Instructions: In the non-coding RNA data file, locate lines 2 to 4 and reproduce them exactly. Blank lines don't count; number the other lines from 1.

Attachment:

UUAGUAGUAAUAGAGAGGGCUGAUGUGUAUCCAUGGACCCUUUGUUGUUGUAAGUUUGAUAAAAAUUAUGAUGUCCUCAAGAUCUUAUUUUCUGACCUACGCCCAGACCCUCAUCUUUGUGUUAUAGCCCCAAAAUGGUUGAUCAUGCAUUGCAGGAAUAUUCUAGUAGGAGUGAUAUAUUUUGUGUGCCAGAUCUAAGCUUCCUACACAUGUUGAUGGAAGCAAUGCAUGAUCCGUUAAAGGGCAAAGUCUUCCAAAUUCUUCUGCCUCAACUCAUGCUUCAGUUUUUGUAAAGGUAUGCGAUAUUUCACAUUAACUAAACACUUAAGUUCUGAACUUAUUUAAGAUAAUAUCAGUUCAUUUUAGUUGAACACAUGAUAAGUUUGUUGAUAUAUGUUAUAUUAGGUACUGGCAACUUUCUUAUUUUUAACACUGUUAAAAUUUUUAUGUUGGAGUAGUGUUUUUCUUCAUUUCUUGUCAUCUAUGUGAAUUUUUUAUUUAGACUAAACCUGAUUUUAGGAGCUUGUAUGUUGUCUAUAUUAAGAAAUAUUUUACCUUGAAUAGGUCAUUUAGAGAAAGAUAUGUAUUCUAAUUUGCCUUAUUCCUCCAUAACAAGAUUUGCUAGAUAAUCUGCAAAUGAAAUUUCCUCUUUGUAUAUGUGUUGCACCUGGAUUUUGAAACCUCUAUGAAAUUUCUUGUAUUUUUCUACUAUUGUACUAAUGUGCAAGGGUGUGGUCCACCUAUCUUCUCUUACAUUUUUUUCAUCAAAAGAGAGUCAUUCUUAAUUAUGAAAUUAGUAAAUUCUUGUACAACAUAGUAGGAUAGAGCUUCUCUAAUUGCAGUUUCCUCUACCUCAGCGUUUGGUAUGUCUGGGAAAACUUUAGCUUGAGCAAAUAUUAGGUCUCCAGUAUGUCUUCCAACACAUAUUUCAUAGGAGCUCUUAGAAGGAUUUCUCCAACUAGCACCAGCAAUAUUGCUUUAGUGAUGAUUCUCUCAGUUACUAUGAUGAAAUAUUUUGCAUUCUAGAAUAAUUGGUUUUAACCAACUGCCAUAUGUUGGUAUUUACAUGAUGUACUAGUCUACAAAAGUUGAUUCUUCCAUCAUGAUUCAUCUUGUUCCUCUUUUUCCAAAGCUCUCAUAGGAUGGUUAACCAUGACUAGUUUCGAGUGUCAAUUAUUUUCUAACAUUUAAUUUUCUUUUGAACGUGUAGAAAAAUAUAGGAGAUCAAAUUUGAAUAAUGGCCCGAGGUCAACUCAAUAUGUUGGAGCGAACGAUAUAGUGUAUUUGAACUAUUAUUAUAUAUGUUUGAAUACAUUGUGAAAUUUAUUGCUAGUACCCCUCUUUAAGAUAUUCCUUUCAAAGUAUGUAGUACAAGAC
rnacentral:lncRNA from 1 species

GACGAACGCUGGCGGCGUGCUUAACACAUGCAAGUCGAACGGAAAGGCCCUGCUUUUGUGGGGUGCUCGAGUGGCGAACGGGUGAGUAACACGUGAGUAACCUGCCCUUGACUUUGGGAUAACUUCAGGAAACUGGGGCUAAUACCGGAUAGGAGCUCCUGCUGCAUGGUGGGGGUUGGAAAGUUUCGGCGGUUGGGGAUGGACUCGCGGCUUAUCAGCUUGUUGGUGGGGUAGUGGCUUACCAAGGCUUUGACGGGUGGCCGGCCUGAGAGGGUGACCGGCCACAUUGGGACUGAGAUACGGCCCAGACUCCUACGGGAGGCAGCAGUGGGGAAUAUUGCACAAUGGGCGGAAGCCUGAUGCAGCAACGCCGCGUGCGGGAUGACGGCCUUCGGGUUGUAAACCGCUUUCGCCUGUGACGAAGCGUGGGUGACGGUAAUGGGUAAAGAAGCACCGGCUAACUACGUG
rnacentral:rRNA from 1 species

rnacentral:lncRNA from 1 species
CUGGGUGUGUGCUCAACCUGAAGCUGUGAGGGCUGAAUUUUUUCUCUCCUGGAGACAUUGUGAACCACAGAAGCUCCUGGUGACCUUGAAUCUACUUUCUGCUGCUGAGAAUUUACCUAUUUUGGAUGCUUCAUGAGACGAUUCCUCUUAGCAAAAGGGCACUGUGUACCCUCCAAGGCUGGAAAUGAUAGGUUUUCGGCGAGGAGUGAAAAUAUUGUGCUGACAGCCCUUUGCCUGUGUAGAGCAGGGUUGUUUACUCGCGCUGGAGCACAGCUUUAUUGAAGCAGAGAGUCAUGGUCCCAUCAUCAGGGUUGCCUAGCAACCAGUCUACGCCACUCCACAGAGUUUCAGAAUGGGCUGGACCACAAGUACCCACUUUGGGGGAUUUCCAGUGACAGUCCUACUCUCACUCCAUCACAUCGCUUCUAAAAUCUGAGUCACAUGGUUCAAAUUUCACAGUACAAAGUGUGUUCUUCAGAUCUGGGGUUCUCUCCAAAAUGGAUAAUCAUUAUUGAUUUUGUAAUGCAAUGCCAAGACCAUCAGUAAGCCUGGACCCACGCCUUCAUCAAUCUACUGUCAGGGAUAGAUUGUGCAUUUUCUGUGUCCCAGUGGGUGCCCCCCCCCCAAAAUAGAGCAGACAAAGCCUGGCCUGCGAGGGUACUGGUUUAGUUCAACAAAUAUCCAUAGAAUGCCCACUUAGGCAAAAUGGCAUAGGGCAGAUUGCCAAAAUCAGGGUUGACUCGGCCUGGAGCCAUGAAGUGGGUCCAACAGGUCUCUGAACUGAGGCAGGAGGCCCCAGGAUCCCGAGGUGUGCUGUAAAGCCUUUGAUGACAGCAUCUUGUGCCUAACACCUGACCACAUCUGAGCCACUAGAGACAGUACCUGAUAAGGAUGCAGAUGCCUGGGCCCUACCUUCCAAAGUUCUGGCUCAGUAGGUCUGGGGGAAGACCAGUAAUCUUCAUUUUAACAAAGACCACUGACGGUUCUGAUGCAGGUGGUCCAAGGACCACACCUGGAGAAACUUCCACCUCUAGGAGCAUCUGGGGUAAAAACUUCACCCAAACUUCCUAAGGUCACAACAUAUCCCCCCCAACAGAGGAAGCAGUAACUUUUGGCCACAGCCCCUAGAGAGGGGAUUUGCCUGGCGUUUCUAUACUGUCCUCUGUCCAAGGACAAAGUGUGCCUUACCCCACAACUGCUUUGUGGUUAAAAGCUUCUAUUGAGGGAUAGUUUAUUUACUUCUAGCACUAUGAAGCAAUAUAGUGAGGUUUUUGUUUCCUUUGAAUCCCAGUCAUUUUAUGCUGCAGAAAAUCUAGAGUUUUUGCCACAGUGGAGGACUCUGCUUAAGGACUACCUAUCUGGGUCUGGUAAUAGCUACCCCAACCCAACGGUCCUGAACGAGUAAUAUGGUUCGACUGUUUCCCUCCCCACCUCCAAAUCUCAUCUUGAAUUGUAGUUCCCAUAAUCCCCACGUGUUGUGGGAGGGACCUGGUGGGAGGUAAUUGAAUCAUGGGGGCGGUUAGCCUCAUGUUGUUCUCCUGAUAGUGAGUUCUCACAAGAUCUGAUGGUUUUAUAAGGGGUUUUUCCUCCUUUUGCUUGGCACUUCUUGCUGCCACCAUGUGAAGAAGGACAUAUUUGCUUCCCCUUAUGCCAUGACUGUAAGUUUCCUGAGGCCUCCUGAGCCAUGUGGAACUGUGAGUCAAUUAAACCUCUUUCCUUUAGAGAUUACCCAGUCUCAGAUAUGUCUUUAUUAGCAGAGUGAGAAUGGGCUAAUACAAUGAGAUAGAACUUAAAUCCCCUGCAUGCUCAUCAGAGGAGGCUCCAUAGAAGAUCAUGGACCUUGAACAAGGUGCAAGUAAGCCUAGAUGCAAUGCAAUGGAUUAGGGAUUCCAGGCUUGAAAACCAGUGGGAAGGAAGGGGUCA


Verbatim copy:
rnacentral:lncRNA from 1 species

GACGAACGCUGGCGGCGUGCUUAACACAUGCAAGUCGAACGGAAAGGCCCUGCUUUUGUGGGGUGCUCGAGUGGCGAACGGGUGAGUAACACGUGAGUAACCUGCCCUUGACUUUGGGAUAACUUCAGGAAACUGGGGCUAAUACCGGAUAGGAGCUCCUGCUGCAUGGUGGGGGUUGGAAAGUUUCGGCGGUUGGGGAUGGACUCGCGGCUUAUCAGCUUGUUGGUGGGGUAGUGGCUUACCAAGGCUUUGACGGGUGGCCGGCCUGAGAGGGUGACCGGCCACAUUGGGACUGAGAUACGGCCCAGACUCCUACGGGAGGCAGCAGUGGGGAAUAUUGCACAAUGGGCGGAAGCCUGAUGCAGCAACGCCGCGUGCGGGAUGACGGCCUUCGGGUUGUAAACCGCUUUCGCCUGUGACGAAGCGUGGGUGACGGUAAUGGGUAAAGAAGCACCGGCUAACUACGUG
rnacentral:rRNA from 1 species